What is Request To Pay, And Why Will it Be Such a Revolution?

Request to Pay (R2P) is a new, flexible method for settling bills between people, organizations, and businesses. For years the old-fashioned paper and e-mail invoices have been the favoured way to list services done and request payment. Still, change often comes unexpectedly, and R2P is about to burst upon us in a Tsunami of change.

Mick Fennell
Mick Fennell – Business Line Director, Payments

So What Is It?

R2P is a messaging service invented to complement existing payments infrastructure. It gives billers the ability to proactively engage with the payer in a secure and standardized way rather than sending them an invoice with little or no context or interaction.

Request to Pay is surfing on top of the global success of real-time payments and is gaining popularity globally. It is a modern digital capability that is augmenting the consumer’s experience. It is safe, secure and provides more control and visibility to the end-user and businesses.

How Does Request to Pay Work?

Request to Pay is a digital request the payer would receive on their internet or mobile device, through a banking application or third-party FinTech application. The payer either approves or rejects the request. If approved, the app automatically initiates a real-time credit transfer to the payee.

Request to Pay introduces a secure messaging framework overlaid on top of existing payment infrastructures and is a new way to manage and settle bills between businesses, organizations, and friends. One of the benefits is its flexibility. For each request message, the payer can pay in full, in part, ask for more time, or decline to pay at all. Thus, beginning a dialogue with the requester on when they want to pay.

This process gives more control to the person or organization being asked to pay and provides the biller with all the necessary information to reconcile a payment when it arrives. A key differentiator for both a biller and a payer is that the communication occurs via a secure and trusted channel—the payers digital banking app—however, the framework is not a closed community. This means payment service providers, Fintechsand corporates will develop services that interact to deliver the Request to Pay service to their customers. Following the framework launch in 2020, the service is now ready to be used.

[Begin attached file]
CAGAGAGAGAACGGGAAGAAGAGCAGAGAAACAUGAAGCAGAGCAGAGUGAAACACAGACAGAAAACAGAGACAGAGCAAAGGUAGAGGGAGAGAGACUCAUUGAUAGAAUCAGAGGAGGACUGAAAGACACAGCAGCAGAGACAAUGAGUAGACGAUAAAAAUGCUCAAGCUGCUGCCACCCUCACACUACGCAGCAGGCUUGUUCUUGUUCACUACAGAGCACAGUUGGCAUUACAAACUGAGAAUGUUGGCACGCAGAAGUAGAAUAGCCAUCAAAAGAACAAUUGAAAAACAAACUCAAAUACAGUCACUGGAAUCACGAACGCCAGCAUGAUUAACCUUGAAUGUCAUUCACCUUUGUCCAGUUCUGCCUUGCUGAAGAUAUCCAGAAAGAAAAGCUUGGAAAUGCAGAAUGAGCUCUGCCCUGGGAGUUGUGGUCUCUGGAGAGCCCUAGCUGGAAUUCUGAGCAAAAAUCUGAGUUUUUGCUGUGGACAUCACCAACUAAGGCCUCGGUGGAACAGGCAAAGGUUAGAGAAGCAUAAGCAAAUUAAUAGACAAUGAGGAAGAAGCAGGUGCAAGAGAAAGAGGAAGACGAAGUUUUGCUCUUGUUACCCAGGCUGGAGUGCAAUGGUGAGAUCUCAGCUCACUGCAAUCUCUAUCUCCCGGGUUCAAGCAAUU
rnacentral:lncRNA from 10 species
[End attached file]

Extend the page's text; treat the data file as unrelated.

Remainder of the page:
Will it Succeed?

The COVID-19 Pandemic ushered in an era of accelerated growth in digital everything. Restaurants offered contactless delivery while stores set up flexible pickup services with items placed in customers’ cars, and Deliveroo-type services sprung up in every restaurant and cafe. It’s no wonder that the already-growing digital payment solutions market expanded rapidly in 2020.

According to Mastercard, 61% of people say they are making more contactless payments than before the Pandemic. Over half (56%) of respondents say they would make more contactless payments if there were no limits per transaction.

To get an idea of how widely used contactless payment is right now, Mastercard compared this year’s data with the results of last year’s survey. In the UK, contactless payments almost doubled from 34% in 2019 to 64% in 2020. People used contactless payments for smaller purchases, most below £30.

Consequently, the last 18 months have proven that significant changes in market behaviours are possible, primarily if driven by a desire for a more frictionless and seamless user experience. There are many iterations of account-to-account payment solutions –and all have their glitches. Request to Pay has been designed to fit together all of the missing pieces of the jigsaw, delivering a frictionless and seamless user experience. As a result, is likely to spark strong user interest and take-up and further innovation through additional value-add services in the payments area.

What’s in it for a Bank? Why Invest in R2P Service Support Now?

So why be an initial provider? What is in it for the banks? There will be limited market coverage for the near to medium term; therefore, not every bank will support the flows—It is optional. However, it is an opportunity to differentiate in a field that has been barren of much innovation recently. It is arguably the effects of the Pandemic, which have moved payments innovation in banking—not great leaps forward by the banks. It would be an excellent addition to their portfolio of services for the banks –whether they be billers or payers.